Chiang Ching-kuo — dictator or democrat?

To Chiang’s backers, he was a well-intentioned autocrat who put in place the foundations for Taiwan’s democratic transition; to his critics he was a sometimes brutal dictator who acted as he did out of necessity to ensure the survival of his party and its hold on power.

Chiang Ching-Kuo
Chiang Ching-Kuo, was President of the Republic of China (Taiwan) from May 1978 until his death in 1988. Credit: Everett Collection Historical / Alamy Stock Photo

Born in 1910, Chiang Ching-kuo was the only biological son of Chiang Kai-shek, head of the Chinese Nationalist Party, or Kuomintang (KMT), from 1927 and ruler of China from 1928 until defeat by the Chinese Communist Party (CCP) under Mao Zedong in 1949, when he fled to Taiwan, which he continued to rule as the Republic of China (RoC) until his death in 1975.

Chiang Kai-shek’s mausoleum is a prominent landmark in downtown Taipei, scarcely a town in Taiwan does not have a street named in his honour, and he has been the subject of countless studies over the years. By contrast, memorials to his son and successor are few in number and modest in scale. In part this reflects Chiang Ching-kuo’s own more modest personality, but also continuing controversy over his contribution to Taiwan. He was nearly 40 when he set foot there for the first time in 1949, and 68 when he became president of the country. He died just ten years later, but in that time had set Taiwan firmly on the path to becoming the vibrant democracy and flourishing economy that it is today.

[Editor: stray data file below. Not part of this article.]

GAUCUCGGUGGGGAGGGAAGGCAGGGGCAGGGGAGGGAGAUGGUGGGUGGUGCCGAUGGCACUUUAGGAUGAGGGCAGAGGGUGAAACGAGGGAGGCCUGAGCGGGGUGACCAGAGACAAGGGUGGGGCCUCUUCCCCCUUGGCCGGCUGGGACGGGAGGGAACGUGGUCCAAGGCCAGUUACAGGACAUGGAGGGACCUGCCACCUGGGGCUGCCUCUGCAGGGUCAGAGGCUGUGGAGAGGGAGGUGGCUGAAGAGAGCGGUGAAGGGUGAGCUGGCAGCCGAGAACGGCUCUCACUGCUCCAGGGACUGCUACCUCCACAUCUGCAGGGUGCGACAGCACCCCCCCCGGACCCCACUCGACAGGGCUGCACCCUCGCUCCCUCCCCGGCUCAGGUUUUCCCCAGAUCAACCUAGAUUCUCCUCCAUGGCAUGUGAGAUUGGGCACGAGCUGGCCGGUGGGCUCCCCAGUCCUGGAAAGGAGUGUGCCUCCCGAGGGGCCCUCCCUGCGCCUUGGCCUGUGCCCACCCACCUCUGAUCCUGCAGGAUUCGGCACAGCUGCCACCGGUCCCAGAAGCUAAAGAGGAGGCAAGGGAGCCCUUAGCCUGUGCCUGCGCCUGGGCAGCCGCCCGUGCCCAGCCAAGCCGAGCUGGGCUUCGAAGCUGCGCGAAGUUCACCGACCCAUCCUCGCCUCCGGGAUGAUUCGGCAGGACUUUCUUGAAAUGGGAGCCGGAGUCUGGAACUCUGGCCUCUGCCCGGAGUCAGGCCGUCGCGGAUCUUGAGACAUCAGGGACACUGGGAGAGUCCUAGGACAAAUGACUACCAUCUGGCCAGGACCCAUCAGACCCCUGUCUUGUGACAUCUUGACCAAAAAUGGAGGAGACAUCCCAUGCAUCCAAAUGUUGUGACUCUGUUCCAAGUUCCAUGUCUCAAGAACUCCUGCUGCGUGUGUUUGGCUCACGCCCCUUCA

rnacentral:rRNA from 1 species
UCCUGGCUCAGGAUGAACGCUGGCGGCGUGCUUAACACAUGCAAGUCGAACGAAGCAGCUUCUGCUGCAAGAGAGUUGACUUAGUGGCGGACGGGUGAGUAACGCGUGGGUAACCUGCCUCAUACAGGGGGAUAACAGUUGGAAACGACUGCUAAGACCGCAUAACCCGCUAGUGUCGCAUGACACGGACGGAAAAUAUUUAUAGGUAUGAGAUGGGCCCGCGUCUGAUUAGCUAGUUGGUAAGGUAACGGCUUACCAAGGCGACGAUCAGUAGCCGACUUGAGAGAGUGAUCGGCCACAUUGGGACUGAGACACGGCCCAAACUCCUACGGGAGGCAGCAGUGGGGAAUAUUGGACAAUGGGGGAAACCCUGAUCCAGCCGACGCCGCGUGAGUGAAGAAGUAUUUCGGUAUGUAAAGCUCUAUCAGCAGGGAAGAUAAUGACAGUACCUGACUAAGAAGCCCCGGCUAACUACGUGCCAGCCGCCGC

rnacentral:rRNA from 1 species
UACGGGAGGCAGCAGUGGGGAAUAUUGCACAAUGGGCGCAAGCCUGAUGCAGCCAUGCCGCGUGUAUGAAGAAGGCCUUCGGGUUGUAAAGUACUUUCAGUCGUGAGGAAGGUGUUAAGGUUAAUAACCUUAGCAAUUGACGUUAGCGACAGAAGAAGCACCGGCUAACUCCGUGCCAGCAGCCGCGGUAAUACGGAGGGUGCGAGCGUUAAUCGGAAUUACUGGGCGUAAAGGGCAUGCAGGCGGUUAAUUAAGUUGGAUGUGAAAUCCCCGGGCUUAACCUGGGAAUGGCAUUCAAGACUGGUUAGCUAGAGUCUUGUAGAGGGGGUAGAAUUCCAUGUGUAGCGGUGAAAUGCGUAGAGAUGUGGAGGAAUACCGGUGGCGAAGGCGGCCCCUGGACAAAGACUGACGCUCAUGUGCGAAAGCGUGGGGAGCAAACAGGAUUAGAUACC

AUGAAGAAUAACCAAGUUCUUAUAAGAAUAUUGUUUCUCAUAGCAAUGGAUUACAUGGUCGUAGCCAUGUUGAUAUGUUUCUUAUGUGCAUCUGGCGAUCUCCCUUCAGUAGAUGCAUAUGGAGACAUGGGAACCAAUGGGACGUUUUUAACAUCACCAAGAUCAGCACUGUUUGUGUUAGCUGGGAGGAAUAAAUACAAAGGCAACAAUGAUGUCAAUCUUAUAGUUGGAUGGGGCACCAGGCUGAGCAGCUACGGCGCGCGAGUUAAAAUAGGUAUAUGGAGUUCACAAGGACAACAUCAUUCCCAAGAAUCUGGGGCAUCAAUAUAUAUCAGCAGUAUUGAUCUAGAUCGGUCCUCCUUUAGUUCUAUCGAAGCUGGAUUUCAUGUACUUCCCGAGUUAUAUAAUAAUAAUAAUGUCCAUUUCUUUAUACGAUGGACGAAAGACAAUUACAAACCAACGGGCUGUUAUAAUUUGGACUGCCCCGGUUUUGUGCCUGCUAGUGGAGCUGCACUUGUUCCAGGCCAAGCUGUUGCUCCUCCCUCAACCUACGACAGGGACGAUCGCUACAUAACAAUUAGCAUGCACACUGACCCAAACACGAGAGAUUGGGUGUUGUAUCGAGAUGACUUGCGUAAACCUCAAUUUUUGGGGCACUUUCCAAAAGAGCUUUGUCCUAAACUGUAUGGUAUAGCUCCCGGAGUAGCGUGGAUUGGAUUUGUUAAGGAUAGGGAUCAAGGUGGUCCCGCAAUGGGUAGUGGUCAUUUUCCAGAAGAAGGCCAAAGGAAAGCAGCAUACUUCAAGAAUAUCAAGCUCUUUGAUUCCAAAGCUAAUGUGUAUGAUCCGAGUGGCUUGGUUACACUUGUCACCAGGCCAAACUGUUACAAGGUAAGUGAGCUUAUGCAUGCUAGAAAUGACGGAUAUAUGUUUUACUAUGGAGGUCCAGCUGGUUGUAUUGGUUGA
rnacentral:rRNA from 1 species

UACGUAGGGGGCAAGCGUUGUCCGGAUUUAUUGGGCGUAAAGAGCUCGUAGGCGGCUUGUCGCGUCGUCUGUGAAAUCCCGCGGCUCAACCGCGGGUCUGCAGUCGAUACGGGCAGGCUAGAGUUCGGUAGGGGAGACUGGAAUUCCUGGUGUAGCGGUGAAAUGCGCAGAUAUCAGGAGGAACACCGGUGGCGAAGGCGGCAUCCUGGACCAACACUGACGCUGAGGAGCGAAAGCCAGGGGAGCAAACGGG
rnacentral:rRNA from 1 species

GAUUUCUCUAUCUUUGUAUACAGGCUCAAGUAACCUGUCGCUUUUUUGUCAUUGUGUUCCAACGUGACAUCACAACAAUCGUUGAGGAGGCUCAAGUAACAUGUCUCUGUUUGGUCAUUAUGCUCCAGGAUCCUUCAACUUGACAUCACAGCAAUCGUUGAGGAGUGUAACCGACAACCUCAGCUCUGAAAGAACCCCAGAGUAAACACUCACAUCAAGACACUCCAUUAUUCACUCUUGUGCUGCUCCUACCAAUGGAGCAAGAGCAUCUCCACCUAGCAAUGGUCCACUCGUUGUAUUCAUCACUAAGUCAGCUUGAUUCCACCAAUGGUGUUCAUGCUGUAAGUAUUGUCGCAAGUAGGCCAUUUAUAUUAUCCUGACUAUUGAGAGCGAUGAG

At first, the younger Chiang was given a traditional education but at the age of just 15 he travelled to Moscow to continue his studies. He later wrote that he had been persuaded to go by diplomats in the Soviet embassy in Beijing and it is not clear how far his father approved of the idea. At first, Ching-kuo appears to have embraced life in the Soviet Union enthusiastically. Deng Xiaoping was a fellow student; his own political views were openly Trotskyite and in 1927 Chiang was selected for military training in Leningrad. The same year, his father, by now leader of the KMT, turned on the communists in China, prompting his son to write a public denunciation. When Stalin turned on the Trotskyites, however, he was quick to abandon his views, an experience that proved significant in later life. But as relations between Stalin and his father deteriorated, he became to all intents and purposes a hostage of Stalin, prevented from returning to China.